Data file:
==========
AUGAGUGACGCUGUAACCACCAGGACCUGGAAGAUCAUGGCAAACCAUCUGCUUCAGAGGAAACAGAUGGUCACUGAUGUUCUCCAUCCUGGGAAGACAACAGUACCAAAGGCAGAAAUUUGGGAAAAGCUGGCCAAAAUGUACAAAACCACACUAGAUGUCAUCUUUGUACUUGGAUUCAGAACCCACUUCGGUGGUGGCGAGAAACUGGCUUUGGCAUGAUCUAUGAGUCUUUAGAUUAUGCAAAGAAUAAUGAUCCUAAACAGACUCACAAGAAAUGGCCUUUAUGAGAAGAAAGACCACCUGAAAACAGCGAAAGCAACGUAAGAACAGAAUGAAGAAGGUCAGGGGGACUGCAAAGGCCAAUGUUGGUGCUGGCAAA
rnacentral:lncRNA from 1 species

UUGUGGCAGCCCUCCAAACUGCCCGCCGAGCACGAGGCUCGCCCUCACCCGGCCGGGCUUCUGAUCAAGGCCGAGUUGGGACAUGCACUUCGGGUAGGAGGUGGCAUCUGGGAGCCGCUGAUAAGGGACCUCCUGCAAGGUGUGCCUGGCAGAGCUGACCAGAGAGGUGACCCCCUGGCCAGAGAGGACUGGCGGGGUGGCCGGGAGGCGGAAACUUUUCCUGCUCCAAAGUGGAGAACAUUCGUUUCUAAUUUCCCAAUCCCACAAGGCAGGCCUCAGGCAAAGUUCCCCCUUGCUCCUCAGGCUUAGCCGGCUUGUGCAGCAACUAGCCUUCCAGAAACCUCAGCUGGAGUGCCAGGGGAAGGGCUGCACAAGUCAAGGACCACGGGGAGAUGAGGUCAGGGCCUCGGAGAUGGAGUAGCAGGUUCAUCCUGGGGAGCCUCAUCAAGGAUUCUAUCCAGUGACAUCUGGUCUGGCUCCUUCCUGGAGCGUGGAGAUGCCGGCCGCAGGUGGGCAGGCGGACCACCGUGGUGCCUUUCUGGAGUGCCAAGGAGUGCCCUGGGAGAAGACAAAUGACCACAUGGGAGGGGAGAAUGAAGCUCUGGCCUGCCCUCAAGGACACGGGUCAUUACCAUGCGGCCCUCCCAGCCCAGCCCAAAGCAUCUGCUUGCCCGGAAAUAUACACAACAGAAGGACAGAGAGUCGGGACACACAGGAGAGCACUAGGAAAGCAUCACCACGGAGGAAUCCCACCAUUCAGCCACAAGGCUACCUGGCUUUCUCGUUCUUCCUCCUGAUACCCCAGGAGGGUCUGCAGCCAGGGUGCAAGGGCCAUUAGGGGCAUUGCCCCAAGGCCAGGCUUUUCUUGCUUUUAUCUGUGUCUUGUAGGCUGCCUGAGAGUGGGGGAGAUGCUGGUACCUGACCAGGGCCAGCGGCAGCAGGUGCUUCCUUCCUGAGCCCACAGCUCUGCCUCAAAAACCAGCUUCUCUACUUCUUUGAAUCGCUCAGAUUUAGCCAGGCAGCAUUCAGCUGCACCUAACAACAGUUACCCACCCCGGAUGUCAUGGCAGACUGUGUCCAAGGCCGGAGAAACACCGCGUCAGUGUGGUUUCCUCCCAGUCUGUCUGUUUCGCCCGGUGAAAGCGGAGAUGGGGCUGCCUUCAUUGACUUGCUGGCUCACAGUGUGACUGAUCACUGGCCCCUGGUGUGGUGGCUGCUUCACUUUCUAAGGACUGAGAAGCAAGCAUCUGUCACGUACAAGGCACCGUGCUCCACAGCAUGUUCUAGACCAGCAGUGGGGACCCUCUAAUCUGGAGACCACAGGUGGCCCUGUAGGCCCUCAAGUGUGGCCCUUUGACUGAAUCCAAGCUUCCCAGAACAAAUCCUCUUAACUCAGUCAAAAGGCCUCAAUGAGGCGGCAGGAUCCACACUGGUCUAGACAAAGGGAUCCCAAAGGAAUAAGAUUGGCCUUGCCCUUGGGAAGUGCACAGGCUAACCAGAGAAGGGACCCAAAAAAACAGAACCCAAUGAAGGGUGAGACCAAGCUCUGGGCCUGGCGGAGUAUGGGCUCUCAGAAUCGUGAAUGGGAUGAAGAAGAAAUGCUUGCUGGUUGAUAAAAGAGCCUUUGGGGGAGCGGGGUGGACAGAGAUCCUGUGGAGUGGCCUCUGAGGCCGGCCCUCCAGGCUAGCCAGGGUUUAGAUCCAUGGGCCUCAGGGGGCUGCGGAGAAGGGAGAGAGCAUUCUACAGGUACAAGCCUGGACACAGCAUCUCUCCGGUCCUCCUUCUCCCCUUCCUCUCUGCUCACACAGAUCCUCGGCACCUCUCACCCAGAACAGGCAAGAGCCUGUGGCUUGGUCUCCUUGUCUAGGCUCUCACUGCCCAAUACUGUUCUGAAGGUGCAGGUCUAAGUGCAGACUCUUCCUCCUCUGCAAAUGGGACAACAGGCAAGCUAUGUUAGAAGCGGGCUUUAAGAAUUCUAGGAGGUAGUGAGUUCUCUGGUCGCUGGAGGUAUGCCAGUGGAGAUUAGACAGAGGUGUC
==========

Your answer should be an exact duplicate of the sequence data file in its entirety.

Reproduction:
AUGAGUGACGCUGUAACCACCAGGACCUGGAAGAUCAUGGCAAACCAUCUGCUUCAGAGGAAACAGAUGGUCACUGAUGUUCUCCAUCCUGGGAAGACAACAGUACCAAAGGCAGAAAUUUGGGAAAAGCUGGCCAAAAUGUACAAAACCACACUAGAUGUCAUCUUUGUACUUGGAUUCAGAACCCACUUCGGUGGUGGCGAGAAACUGGCUUUGGCAUGAUCUAUGAGUCUUUAGAUUAUGCAAAGAAUAAUGAUCCUAAACAGACUCACAAGAAAUGGCCUUUAUGAGAAGAAAGACCACCUGAAAACAGCGAAAGCAACGUAAGAACAGAAUGAAGAAGGUCAGGGGGACUGCAAAGGCCAAUGUUGGUGCUGGCAAA
rnacentral:lncRNA from 1 species

UUGUGGCAGCCCUCCAAACUGCCCGCCGAGCACGAGGCUCGCCCUCACCCGGCCGGGCUUCUGAUCAAGGCCGAGUUGGGACAUGCACUUCGGGUAGGAGGUGGCAUCUGGGAGCCGCUGAUAAGGGACCUCCUGCAAGGUGUGCCUGGCAGAGCUGACCAGAGAGGUGACCCCCUGGCCAGAGAGGACUGGCGGGGUGGCCGGGAGGCGGAAACUUUUCCUGCUCCAAAGUGGAGAACAUUCGUUUCUAAUUUCCCAAUCCCACAAGGCAGGCCUCAGGCAAAGUUCCCCCUUGCUCCUCAGGCUUAGCCGGCUUGUGCAGCAACUAGCCUUCCAGAAACCUCAGCUGGAGUGCCAGGGGAAGGGCUGCACAAGUCAAGGACCACGGGGAGAUGAGGUCAGGGCCUCGGAGAUGGAGUAGCAGGUUCAUCCUGGGGAGCCUCAUCAAGGAUUCUAUCCAGUGACAUCUGGUCUGGCUCCUUCCUGGAGCGUGGAGAUGCCGGCCGCAGGUGGGCAGGCGGACCACCGUGGUGCCUUUCUGGAGUGCCAAGGAGUGCCCUGGGAGAAGACAAAUGACCACAUGGGAGGGGAGAAUGAAGCUCUGGCCUGCCCUCAAGGACACGGGUCAUUACCAUGCGGCCCUCCCAGCCCAGCCCAAAGCAUCUGCUUGCCCGGAAAUAUACACAACAGAAGGACAGAGAGUCGGGACACACAGGAGAGCACUAGGAAAGCAUCACCACGGAGGAAUCCCACCAUUCAGCCACAAGGCUACCUGGCUUUCUCGUUCUUCCUCCUGAUACCCCAGGAGGGUCUGCAGCCAGGGUGCAAGGGCCAUUAGGGGCAUUGCCCCAAGGCCAGGCUUUUCUUGCUUUUAUCUGUGUCUUGUAGGCUGCCUGAGAGUGGGGGAGAUGCUGGUACCUGACCAGGGCCAGCGGCAGCAGGUGCUUCCUUCCUGAGCCCACAGCUCUGCCUCAAAAACCAGCUUCUCUACUUCUUUGAAUCGCUCAGAUUUAGCCAGGCAGCAUUCAGCUGCACCUAACAACAGUUACCCACCCCGGAUGUCAUGGCAGACUGUGUCCAAGGCCGGAGAAACACCGCGUCAGUGUGGUUUCCUCCCAGUCUGUCUGUUUCGCCCGGUGAAAGCGGAGAUGGGGCUGCCUUCAUUGACUUGCUGGCUCACAGUGUGACUGAUCACUGGCCCCUGGUGUGGUGGCUGCUUCACUUUCUAAGGACUGAGAAGCAAGCAUCUGUCACGUACAAGGCACCGUGCUCCACAGCAUGUUCUAGACCAGCAGUGGGGACCCUCUAAUCUGGAGACCACAGGUGGCCCUGUAGGCCCUCAAGUGUGGCCCUUUGACUGAAUCCAAGCUUCCCAGAACAAAUCCUCUUAACUCAGUCAAAAGGCCUCAAUGAGGCGGCAGGAUCCACACUGGUCUAGACAAAGGGAUCCCAAAGGAAUAAGAUUGGCCUUGCCCUUGGGAAGUGCACAGGCUAACCAGAGAAGGGACCCAAAAAAACAGAACCCAAUGAAGGGUGAGACCAAGCUCUGGGCCUGGCGGAGUAUGGGCUCUCAGAAUCGUGAAUGGGAUGAAGAAGAAAUGCUUGCUGGUUGAUAAAAGAGCCUUUGGGGGAGCGGGGUGGACAGAGAUCCUGUGGAGUGGCCUCUGAGGCCGGCCCUCCAGGCUAGCCAGGGUUUAGAUCCAUGGGCCUCAGGGGGCUGCGGAGAAGGGAGAGAGCAUUCUACAGGUACAAGCCUGGACACAGCAUCUCUCCGGUCCUCCUUCUCCCCUUCCUCUCUGCUCACACAGAUCCUCGGCACCUCUCACCCAGAACAGGCAAGAGCCUGUGGCUUGGUCUCCUUGUCUAGGCUCUCACUGCCCAAUACUGUUCUGAAGGUGCAGGUCUAAGUGCAGACUCUUCCUCCUCUGCAAAUGGGACAACAGGCAAGCUAUGUUAGAAGCGGGCUUUAAGAAUUCUAGGAGGUAGUGAGUUCUCUGGUCGCUGGAGGUAUGCCAGUGGAGAUUAGACAGAGGUGUC